# Introduction to Foams

## A Child’s View of Physics, by Marc in het Panhuis

### "Are you a grown-up?"

I looked up, or more precisely down, into the eyes of a child. He had a good reason to ask this, since I was playing with bubbles at an exhibition for young scientists. What attracts them? What does not? Physicists have been arguing whether or not we should consider it as our duty to encourage children into physics. I would like to describe the actual experience of standing amongst the young and curious.

At our stand we were displaying various ways of studying foams, such as wire frames and cylindrical structures. To the physicist (who, at least, according to age is a grown-up) these display interesting foam phenomena. But not to a child. They do not see that wire frames can be used to verify the equilibrium rules laid down by the Belgian scientist J.A.F. Plateau over 100 years ago. Children do not want to hear about symmetric angles between touching films. Instead, they ask if it is possible to blow a square bubble using a cubic frame. The fact that Plateau was blind while working with these elegant frames appeals to their imagination and you can see them wondering how this could be possible.

The typical foam, in your kitchen sink or your bath tub, is disordered, however to make an ordered foam is simple and straightforward. All you need is a cylindrical glass tube and a nozzle connected to an air pump. Place the cylindrical glass tube about 5 to 10 cm under water and subsequently blow air bubbles into it through the submerged nozzle. Through variation of the gas flow rate one can make a large range of ordered structures. My friend and colleague Stefan Hutzler uses them to study foam drainage, twists and transitions between different types of structures. Children find it hard to get interested in these beautiful experiments. The Plateau borders in the tubes are too small for a child's eye, although adding liquid at the top thickens the network of Plateau borders, enhancing their visibility. I used these tubes to explain to the interested young listeners that a Plateau border is a channel formed where 3 films meet. By adding liquid it can be shown that a Plateau border can also transport liquid.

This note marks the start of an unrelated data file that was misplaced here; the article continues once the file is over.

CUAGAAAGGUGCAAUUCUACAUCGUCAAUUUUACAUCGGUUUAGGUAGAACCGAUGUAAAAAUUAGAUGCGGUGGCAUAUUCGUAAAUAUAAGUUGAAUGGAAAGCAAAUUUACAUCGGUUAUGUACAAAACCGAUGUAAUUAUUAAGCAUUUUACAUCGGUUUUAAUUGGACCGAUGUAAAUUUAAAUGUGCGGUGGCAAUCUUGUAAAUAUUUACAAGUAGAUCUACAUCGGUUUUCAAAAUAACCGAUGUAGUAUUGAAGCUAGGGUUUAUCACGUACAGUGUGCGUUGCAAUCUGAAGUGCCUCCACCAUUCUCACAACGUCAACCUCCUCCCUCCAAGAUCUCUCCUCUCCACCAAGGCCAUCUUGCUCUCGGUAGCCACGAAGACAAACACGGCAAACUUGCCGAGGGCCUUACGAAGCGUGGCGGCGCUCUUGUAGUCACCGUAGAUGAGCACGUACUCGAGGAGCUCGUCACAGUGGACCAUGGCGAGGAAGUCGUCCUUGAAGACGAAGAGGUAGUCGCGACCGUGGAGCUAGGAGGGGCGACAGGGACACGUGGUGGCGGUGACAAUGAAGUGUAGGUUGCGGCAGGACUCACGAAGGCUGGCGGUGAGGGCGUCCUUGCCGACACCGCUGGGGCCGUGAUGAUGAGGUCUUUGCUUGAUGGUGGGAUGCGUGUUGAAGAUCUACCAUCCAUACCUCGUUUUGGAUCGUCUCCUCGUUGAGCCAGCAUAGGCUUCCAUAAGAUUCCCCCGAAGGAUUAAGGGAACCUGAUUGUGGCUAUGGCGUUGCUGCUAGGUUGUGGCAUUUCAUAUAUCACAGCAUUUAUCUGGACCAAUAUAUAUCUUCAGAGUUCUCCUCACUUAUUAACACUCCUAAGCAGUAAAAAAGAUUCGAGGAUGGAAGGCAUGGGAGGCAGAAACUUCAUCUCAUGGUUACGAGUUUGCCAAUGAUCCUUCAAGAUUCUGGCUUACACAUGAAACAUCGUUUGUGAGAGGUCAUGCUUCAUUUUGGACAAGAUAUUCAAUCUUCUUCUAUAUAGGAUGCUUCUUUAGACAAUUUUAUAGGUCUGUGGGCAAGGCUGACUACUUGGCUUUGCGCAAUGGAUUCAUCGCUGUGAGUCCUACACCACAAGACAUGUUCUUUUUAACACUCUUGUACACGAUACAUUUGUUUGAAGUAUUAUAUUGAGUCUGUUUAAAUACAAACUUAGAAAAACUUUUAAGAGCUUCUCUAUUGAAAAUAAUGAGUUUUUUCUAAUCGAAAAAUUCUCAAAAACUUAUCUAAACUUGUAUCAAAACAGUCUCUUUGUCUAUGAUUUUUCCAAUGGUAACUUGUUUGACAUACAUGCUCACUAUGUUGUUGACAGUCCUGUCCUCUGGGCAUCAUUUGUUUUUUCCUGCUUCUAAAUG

If you want to attract large crowds of children at your stand, follow these two rules. Firstly, give them hands-on experience by letting them play around with your experiments. Secondly, the bigger the objects used in the experiments the better. In accordance with this second rule, we used a giant bubble maker in addition to the smaller frames and glass tubes experiments.

Children, parents and people from other stands were highly fascinated by the giant bubble maker. It consists of a bottle of soap solution hanging upside down. From a hole in the top, two strands of monofilament are attached to a weight. Soap solution runs down along the wires. Pulling these wires apart slowly enough creates a single soap film. In our case, I could make a film with a length and breadth of 5 to 6 feet. The originators of this trick in the United States made one of 45 feet length. It was developed to study flow pattern around objects.

To challenge the young I would show two simple experiments and then invite everybody to try it themselves. In experiment one, I pulled the wires as far apart as possible. Then by gently rocking the film, I created an oscillation. As the film moved away towards the close standing public I gently blew against the film. The effect is amazing, the film can be stretched up to 12 feet. Sometimes a bubble would loose itself from the film and float in the air for a minute before hitting the ground. In experiment two, I pulled the wires roughly 3 feet apart and made a half circular movement with both hands. Followed by closing the wires again, which created a bubble of roughly 3 feet diameter. The champion bubble maker could earn a chocolate bar, which also happened to be an excellent example of a solid foam.

Am I a grown-up? When standing amongst 30 children with the strands of the giant bubble maker in my hands, ready to produce the biggest bubble they have ever seen, certainly not.